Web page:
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Xenophobia in post-apartheid South Africa: A Theological Reflection

by Xolelwa Mshubeki Programme Officer
Theology and Social Justice


March 2016


1. Introduction

Since the dawn of democracy, many people from other parts of the African continent fled to South Africa. They fled their own troubled countries to make a new beginning and became refugees or immigrants among South Africans. In Africa, migration is a reality that we cannot escape. The majority of immigrants from Africa are displaced around the world as a result of economic crises often exacerbated by social and political factors that force them to leave their homes and countries of origin. The sad twist in the refugee tale is the hostility and xenophobia that they endure. The post-apartheid South African Constitution is founded in the principle of inclusiveness. The Constitution guarantees rights and protections for both local and foreign nationals living in South Africa, including protection from discrimination, protection of liberty and access to socio-economic rights. However, South African citizens have been exhibiting xenophobic tendencies towards foreign nationals.


At the heart of South Africa’s complex problem with xenophobia, is the loaded meaning of the term “foreigner”. The term foreigner in South Africa usually refers to Asian and African non-nationals. Other foreigners, particularly those from America and Europe, go unnoticed and often referred to as “tourists “or “expats”. Due to this reason, some South Africans are hesitant to refer to the attacks on foreign national as xenophobic. They resolve that the attacks on foreign nationals are more afrophobic than xenophobic. Indeed, as argued by Shabalala (2015), the violent attacks against foreign nationals could be referred to as an expression of Afrophobia, however, given the deep sense of dislike for foreign nationals from other African countries, I prefer to regard the attacks as a form of xenophobic violence.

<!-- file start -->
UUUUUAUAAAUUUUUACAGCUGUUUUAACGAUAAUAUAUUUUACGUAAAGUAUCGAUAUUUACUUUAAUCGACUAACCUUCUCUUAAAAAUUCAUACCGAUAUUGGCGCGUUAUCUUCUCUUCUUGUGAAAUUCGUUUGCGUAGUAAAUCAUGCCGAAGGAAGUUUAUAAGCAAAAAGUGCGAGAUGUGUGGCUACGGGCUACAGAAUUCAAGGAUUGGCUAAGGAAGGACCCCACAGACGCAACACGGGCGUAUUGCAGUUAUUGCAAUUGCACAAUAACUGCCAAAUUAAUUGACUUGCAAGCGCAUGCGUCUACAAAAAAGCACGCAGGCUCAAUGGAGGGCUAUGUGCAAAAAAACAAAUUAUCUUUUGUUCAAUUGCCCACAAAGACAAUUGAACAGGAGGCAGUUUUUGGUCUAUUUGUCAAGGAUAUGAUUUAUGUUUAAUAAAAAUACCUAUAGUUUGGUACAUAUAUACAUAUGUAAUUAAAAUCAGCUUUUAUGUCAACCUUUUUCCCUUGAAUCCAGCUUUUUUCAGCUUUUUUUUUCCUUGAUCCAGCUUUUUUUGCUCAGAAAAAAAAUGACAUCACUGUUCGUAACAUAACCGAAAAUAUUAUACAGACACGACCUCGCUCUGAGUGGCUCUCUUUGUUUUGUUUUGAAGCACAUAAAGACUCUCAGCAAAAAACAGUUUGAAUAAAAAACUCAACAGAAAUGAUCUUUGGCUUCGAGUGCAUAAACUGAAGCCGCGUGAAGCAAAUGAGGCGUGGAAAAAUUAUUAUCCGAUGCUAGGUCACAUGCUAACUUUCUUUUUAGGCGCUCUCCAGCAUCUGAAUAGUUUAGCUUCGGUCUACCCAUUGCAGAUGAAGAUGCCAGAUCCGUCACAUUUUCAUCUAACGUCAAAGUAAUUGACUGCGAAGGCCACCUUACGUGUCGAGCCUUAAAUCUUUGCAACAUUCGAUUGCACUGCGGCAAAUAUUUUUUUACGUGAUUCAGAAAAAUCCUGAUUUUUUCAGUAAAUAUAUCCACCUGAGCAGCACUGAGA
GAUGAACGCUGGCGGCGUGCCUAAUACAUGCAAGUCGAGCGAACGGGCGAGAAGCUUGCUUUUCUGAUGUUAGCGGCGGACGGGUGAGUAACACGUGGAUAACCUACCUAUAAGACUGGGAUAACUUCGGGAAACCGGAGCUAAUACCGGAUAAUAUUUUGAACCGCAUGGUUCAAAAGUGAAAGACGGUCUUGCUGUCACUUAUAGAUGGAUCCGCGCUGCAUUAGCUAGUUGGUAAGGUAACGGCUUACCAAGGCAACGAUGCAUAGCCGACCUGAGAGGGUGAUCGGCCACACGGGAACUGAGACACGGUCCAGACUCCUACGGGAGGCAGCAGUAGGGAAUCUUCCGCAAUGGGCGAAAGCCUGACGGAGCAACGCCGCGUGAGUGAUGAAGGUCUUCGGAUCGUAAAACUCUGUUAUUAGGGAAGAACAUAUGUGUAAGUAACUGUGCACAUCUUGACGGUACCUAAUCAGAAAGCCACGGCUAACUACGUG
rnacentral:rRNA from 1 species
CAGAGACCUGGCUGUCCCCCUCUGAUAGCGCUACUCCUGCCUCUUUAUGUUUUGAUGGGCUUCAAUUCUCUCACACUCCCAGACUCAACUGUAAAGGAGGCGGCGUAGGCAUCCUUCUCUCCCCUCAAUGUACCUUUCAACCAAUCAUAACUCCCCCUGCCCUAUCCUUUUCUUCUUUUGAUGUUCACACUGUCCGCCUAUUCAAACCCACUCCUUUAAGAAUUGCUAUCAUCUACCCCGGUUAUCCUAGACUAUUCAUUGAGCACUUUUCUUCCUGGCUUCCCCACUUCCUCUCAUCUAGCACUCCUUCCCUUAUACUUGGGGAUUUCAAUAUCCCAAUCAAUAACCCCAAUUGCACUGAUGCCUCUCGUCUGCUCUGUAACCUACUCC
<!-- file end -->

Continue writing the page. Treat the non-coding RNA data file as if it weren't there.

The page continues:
The question that we need to ask ourselves as South African citizens is: how can xenophobia exists in a country often presented as the model of reconciliation and hope for the African continent? The xenophobic attacks have inspired a great deal of soul-searching in South Africa as analysts seek to explain why the “rainbow nation” has become so unstable. As a result, scholarly literature has emerged that explores many causes of xenophobia. It warrants us to ask the following questions: What are the challenges brought about by this present situation? What is the sole responsibility of the Church? In view of this, this paper will look on to promote mutual co-existence between local people and foreign nationals.